This article has described a quantitative assessment model that was developed to provide useful information to a large corporation about the benefits and costs of an on-site occupational health nursing program. The number and complex nature of the effects of such programs both complicate this task and necessarily restrict the comprehensiveness of its assessment. The model focuses on estimating the net cost savings arising from the direct substitution of on-site for off-site occupational health nursing services.Part II of this article discussed applications of this quantitative assessment model that could be useful to management decision making; identifying assumptions, interpretations, and limitations of the model and illustrating approaches for reducing these limitations.The on-site provision of occupational health nursing services clearly continues to be an issue of interest to large corporations concerned with cost-containment, productivity, and employee relations. While the model and approaches described here are restricted to measurable, short term benefits, the careful measurement of these benefits and costs can usefully inform management decision making until more comprehensive, longer term assessment models can be empirically implemented.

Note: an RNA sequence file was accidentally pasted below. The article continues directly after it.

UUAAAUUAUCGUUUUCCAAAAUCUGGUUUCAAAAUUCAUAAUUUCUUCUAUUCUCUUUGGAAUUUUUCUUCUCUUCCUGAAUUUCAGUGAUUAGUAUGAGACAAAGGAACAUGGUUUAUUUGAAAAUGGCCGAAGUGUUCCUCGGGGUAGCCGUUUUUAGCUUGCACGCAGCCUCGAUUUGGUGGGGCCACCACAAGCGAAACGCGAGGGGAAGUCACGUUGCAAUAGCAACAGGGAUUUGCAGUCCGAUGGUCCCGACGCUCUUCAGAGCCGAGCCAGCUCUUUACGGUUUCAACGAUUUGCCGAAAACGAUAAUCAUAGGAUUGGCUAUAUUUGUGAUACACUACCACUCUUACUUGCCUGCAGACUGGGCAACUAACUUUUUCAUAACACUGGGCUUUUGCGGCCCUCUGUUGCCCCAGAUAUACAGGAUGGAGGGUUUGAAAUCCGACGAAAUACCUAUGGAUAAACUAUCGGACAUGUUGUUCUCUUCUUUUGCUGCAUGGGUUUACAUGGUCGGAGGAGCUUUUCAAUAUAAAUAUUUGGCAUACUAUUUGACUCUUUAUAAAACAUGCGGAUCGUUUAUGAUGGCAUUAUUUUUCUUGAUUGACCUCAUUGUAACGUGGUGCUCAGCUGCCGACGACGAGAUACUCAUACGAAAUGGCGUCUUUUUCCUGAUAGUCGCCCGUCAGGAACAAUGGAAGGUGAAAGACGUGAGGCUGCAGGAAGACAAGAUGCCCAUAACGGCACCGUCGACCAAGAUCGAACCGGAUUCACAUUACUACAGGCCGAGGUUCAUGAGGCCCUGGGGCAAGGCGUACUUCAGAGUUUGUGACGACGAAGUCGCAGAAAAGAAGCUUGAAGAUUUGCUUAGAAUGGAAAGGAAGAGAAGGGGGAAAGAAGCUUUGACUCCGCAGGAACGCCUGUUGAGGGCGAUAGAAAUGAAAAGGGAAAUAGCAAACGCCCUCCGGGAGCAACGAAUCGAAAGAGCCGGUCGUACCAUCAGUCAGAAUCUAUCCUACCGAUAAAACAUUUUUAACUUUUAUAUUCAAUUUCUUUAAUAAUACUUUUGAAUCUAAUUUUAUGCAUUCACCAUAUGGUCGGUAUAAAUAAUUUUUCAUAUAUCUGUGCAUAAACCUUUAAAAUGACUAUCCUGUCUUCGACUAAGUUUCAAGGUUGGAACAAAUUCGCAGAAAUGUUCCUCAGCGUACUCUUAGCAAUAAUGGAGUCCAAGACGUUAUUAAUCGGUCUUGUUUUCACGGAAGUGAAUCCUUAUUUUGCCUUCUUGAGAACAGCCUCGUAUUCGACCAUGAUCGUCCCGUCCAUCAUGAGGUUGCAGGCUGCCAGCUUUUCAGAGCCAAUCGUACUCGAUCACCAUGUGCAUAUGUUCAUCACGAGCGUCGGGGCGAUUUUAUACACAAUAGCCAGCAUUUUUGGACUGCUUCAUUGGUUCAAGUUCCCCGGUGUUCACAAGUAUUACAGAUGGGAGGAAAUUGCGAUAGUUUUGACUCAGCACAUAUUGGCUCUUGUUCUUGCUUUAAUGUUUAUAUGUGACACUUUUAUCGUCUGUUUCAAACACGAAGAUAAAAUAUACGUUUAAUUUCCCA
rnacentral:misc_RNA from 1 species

AAOHN Journal – SAGE
Published: May 1, 1992